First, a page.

Every month, this salon-gallery-hall hosts a “First Friday.” The staff has gathered over the previous few weeks to choose from among the many local artists and musicians who have submitted their work for consideration. The hair stylists and manicurists and the one tattoo artist have joined with the owner and the full-time cultural consultant on staff to discuss, debate over, and vote for their favorite painter or photographer, the best musical acts. Then they brought in the part-timers who help take down last month’s show and hang the new one. The curator of the local art museum volunteers a couple of hours to give her professional opinion. The top band is called. And then the place opens in full swing!

For three or four hours on a Friday evening, then, the cultural elites join the beatniks and punks at what has become the most unlikely hot spot in town: the barbershop. The band plays. It’s a different style of music every First Friday, carefully chosen to complement the visual aesthetic of the new-hung walls. Grungier rock for some black-and-white war photographs. Classical guitar with portraits of deceased politicians. A string quartet with abstract renderings of dancers in flight. An a capella Gospel choir with metal-and-glasswork installations. A dark flock of moaning youth on exotic instruments with haunting close-ups of drug-ravaged celebrities. Travel photography, still lifes, action shots, 2-D sculpture, piano recitals, operatic solos, Broadway renditions, barbershop quartets. Each is tinged with the darker colors of its genre, easing towards the melancholy, the macabre.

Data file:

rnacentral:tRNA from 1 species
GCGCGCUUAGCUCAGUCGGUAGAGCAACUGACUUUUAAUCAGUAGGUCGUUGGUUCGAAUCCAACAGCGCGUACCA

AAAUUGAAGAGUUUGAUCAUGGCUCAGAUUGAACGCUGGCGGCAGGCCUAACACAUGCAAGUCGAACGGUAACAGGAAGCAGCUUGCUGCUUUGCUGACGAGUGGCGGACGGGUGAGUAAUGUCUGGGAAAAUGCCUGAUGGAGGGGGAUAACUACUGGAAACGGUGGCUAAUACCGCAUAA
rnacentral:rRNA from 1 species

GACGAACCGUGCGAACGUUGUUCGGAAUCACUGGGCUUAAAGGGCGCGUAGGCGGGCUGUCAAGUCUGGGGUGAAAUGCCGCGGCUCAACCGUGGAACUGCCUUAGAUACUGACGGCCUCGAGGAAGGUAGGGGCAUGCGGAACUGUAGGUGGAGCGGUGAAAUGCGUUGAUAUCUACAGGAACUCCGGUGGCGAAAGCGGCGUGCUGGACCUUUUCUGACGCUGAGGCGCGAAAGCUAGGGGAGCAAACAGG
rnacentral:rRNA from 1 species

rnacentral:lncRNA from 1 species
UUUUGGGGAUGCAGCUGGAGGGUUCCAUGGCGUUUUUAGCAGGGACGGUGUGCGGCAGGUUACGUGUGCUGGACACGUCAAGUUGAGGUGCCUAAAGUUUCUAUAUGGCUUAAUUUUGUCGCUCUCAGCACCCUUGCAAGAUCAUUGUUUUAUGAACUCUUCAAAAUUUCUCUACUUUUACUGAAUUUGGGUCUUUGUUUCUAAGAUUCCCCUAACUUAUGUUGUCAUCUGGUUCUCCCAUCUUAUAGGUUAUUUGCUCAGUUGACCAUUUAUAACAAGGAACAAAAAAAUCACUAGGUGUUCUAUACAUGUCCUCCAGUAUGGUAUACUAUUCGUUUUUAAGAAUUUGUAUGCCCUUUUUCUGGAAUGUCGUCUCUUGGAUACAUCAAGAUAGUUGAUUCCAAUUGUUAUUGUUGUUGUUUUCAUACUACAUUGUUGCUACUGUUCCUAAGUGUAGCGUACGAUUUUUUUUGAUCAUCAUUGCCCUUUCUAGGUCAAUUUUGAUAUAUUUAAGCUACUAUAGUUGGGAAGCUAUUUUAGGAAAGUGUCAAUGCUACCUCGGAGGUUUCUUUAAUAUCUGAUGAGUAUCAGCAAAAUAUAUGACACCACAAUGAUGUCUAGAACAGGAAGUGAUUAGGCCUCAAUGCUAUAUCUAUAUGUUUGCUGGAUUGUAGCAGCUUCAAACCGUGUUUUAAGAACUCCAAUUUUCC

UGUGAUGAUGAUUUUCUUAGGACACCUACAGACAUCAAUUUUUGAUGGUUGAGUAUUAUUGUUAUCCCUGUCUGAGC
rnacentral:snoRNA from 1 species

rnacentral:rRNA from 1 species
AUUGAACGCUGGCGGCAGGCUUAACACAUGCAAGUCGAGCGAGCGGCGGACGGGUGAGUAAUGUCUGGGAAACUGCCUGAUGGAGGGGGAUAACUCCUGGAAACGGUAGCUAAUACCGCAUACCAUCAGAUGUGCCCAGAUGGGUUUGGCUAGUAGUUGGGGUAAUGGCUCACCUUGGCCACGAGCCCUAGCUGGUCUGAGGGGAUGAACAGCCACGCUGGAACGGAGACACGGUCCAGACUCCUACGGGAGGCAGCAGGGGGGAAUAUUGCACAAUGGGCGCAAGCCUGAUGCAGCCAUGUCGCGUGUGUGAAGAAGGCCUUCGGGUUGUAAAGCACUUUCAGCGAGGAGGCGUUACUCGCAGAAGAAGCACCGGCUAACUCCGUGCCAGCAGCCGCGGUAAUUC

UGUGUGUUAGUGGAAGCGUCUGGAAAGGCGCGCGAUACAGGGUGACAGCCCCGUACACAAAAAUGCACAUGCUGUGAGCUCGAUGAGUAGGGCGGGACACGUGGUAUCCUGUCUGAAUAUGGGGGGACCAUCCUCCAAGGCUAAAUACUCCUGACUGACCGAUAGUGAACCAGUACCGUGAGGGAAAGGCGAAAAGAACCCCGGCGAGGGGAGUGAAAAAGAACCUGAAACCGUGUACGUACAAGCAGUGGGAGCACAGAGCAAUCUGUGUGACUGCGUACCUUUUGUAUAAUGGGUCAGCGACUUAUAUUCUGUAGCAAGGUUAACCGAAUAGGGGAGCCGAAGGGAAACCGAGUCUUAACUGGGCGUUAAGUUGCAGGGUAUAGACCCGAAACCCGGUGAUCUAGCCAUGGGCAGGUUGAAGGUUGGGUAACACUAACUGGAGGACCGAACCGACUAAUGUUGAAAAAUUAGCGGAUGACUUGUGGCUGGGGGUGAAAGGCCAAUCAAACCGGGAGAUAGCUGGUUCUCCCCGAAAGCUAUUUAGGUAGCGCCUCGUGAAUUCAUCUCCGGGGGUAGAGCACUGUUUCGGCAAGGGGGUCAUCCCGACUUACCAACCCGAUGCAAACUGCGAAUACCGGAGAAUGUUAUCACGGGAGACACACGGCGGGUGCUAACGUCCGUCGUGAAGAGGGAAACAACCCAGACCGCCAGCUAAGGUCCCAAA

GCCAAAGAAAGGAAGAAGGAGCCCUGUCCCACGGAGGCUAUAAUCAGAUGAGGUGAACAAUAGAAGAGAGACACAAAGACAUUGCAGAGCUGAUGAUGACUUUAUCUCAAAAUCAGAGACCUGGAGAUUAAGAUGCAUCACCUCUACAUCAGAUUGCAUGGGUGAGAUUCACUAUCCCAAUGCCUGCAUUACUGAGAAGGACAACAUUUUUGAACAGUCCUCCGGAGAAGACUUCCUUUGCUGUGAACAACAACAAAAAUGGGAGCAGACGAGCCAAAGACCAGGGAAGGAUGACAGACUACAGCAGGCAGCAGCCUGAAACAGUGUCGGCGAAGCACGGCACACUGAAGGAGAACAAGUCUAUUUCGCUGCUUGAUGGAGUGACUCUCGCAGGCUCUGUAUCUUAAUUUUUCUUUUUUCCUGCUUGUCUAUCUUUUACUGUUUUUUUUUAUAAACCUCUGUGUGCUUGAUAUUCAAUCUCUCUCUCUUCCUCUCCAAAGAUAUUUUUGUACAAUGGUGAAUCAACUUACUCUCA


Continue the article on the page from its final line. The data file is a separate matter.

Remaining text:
The music goes on during the week, too, of course. That’s the whole idea: you look at the art while you wait for your haircut, listen to the music between clacks of the shears, stay and have tea for another song or two, and maybe bring home an original oil painting along with a new look.

And there’s one aesthetic that binds it all together. When I call it “emo” or “goth,” don’t get scared away. Don’t think drugs, knives, and suicide: think Gothic architecture. Think Gothic literature—well, maybe not, since there are plenty of drugs, knives, and suicide there! Stick with the Gothic arches, columns, stained glass, and flying buttresses. To make more sense out of this, come on down another tangent with me.

My local art museum in Allentown, Pennsylvania has a fascinating exhibit at the moment. It’s tiny: just one room. It’s called Gothic to Goth: Embracing the Dark Side. The largest items in the room are Victorian mourning gowns: black, lacy, elaborate dresses worn by young widows. There are paintings, fans, jewelry, gloves. Some are from the middle of the 19th century. Some are brand-new. And I defy you to tell the difference!